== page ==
Install

Get the latest updates as we post them — right on your browser

. Last Updated: 07/27/2016

GDP Growth Not Real, EBRD Says

Despite the strong gross domestic product figures posted by the government over the past three years, the economy has a long way to go before it starts showing any real growth, the European Bank for Reconstruction and Development cautioned Wednesday in a report urging Russia to diversify the economy from the resource sectors.

"What we've seen in Russia during the last years by its nature cannot be considered real economic growth but rather catching up between available industrial capacities and growth in productivity after the 1998 crisis," chief EBRD economist Willem Buiter told reporters at the presentation of the bank's annual transition report on Russia and 26 other countries in the former Soviet Union and Eastern Europe.

The Russian economy has been showing negative growth for much of the past decade, and its GDP in real terms is still almost 30 percent below the level it was at in 1991, when the Soviet Union collapsed, economists say.

Capacity utilization in Russia is about 57 percent now, back at the levels where it was in 1993, according to the World Bank, which with the International Monetary Fund is also pushing Russia to diversify the economy.

"More importantly, it has gone up sharply from 37 percent after the 1998 crisis but remained flat since 2001, which means that it has reached its maximum level," said Christof R?hl, the World Bank's chief economist for Russia.

Progress in Transition*
selected countries
CountryPrivate sector**Large-scale privatizationGovernance & restructuring Competition policyBanking reform
Albania752+22-2+
Estonia8043+3-4-
Hungary8043+34
Russia703+2+2+2
Ukraine65322+2+
*The EBRD uses a scale from 1 to 4+, with 1 being the lowest and 4+ being the highest score.
** Private sector share of GDP, percent, as of mid-2001
Source: EBRD


The EBRD expects the economies of the nine most-developed countries of Central Europe and the Baltics to grow by 3.7 percent in 2003, compared with a forecast of 2.2 percent in 2002. The EBRD forecasts that Balkan countries will grow 4.1 percent in 2003, up from 3.6 percent this year.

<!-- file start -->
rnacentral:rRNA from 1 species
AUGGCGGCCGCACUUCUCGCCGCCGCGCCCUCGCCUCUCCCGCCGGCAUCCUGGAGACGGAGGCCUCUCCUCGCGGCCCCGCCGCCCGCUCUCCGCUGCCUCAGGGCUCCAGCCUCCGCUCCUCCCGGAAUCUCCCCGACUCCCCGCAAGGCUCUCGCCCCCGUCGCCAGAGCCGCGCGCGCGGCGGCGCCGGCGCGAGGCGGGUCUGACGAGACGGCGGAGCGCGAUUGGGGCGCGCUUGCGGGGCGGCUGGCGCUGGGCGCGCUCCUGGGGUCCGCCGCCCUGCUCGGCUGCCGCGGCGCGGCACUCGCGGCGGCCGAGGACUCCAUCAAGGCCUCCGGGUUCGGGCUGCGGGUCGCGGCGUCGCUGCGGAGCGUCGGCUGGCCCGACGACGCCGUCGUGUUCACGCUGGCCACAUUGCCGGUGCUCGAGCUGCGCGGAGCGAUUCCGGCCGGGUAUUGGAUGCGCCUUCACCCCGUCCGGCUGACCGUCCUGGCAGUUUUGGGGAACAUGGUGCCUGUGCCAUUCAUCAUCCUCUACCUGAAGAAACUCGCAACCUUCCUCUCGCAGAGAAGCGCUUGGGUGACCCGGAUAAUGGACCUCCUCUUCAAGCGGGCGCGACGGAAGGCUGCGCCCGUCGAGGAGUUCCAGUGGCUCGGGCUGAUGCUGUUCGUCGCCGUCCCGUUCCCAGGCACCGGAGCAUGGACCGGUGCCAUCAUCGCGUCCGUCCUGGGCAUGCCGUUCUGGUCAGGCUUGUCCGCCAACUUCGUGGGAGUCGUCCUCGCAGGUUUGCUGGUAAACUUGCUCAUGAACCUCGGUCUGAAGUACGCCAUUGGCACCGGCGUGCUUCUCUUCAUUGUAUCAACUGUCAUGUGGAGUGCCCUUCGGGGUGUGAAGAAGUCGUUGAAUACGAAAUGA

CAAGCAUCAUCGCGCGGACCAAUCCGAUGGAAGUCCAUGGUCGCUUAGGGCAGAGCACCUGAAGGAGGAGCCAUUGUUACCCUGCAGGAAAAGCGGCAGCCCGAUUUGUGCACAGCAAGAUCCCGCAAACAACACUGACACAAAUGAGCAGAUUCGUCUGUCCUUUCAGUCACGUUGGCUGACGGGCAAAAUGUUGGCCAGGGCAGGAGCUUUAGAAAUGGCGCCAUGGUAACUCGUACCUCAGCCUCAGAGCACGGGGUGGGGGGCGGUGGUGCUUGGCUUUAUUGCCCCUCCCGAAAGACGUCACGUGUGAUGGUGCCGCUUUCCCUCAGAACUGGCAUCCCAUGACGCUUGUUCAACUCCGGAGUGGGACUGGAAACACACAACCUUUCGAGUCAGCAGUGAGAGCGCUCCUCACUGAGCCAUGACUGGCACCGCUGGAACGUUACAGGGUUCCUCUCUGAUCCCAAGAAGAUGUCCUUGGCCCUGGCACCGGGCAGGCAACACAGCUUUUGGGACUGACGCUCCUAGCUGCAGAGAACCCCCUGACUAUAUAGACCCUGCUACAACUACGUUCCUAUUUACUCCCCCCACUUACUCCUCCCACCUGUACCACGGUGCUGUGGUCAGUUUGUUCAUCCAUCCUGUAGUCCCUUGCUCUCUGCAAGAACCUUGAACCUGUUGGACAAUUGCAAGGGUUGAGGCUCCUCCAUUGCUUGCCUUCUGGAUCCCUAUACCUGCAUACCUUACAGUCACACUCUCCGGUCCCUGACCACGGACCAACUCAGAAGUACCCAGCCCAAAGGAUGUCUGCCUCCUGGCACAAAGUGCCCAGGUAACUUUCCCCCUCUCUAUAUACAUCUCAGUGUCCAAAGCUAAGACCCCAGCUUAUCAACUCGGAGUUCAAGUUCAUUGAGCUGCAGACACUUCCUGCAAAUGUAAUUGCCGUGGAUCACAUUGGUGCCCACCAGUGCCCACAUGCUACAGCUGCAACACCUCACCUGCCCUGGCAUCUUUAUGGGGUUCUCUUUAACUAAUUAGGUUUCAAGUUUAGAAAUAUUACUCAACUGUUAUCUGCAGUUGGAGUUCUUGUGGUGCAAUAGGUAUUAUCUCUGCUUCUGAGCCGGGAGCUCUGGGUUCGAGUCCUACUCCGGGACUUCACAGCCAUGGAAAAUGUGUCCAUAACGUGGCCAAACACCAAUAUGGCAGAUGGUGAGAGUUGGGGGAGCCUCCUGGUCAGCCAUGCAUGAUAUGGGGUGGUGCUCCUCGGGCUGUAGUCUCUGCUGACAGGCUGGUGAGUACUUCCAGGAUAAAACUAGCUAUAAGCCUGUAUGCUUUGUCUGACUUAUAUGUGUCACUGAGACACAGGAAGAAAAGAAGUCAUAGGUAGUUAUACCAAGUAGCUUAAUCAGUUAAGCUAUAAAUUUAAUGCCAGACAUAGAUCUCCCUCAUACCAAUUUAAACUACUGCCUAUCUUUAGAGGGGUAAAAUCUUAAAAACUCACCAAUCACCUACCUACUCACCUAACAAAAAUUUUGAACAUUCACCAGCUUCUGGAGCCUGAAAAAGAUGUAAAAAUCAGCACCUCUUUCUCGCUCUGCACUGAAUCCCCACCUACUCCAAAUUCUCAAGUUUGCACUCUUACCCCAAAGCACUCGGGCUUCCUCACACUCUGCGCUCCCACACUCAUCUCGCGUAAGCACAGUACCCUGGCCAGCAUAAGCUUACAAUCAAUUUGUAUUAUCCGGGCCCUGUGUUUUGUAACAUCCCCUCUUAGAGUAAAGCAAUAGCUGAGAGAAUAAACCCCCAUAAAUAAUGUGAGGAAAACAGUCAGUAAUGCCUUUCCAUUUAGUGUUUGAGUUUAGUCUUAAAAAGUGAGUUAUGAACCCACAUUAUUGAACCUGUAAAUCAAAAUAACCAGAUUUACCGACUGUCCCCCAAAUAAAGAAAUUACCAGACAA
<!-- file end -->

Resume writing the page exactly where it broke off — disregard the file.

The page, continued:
However, growth in the Commonwealth of Independent States is expected to slow down to 4.0 percent, down from 4.4 percent this year, as the easy growth from Russia's oil and gas and the 1998 default and devaluation runs out of steam.

The Russian government is predicting GDP growth of about 4 percent in 2002 and 3.5 percent to 4.4 percent next year.

"The growth in Russia starting from next year will be only driven by new capacities, created by investments and by the increase of productivity and technological progress," R?hl said.

In addition to long-expected progress in the restructuring of Russia's energy and banking sectors, the EBRD pointed at three main weak spots in the economy: the lack of diversification, the small role of small and medium-size companies, and difficulties with both entering and exiting business projects.

"Diversification of the local industrial groups into noncore sectors is a good thing, provided it does not restrict the ability of others to do the same," Buiter said. "It is a positive development that they are bringing capital to other industries, but the question remains whether they will encourage competition in these sectors."

According to the EBRD report, successful diversification depends on a regulatory environment and on the extent to which both domestic and foreign firms can compete in the new markets that these conglomerates are trying to enter. "It should be a level playing field for all," Buiter said.

Russia has one of the lowest scores for competition and progress in restructuring enterprises among the 26 countries surveyed by the EBRD. The bank said the spread and strengthening of vertically integrated business conglomerates may constitute a barrier to enterprise reform and development of SMEs.

SMEs account for 26 percent of Russia's workforce, which is progress but still two or three times less than in other former communist countries like Poland or Hungary, the EBRD said. Also, the activities of Russian SMEs differ drastically from those in other European countries. "They are mainly active in trade and catering, while very few of them are actually manufacturing goods," Buiter said.

The EBRD said Russia's private sector contributes 70 percent of GDP, a chunk that it called "remarkable." But at the same time, the EBRD said failure to reform the state sector is probably the most important problem. "Distorted competition caused by various forms of state intervention remains a key weakness of the Russian business environment," the report said.

However, the bank said it expects to see significant improvements in SMEs with the introduction of new taxation and accounting procedures for small companies in early 2003.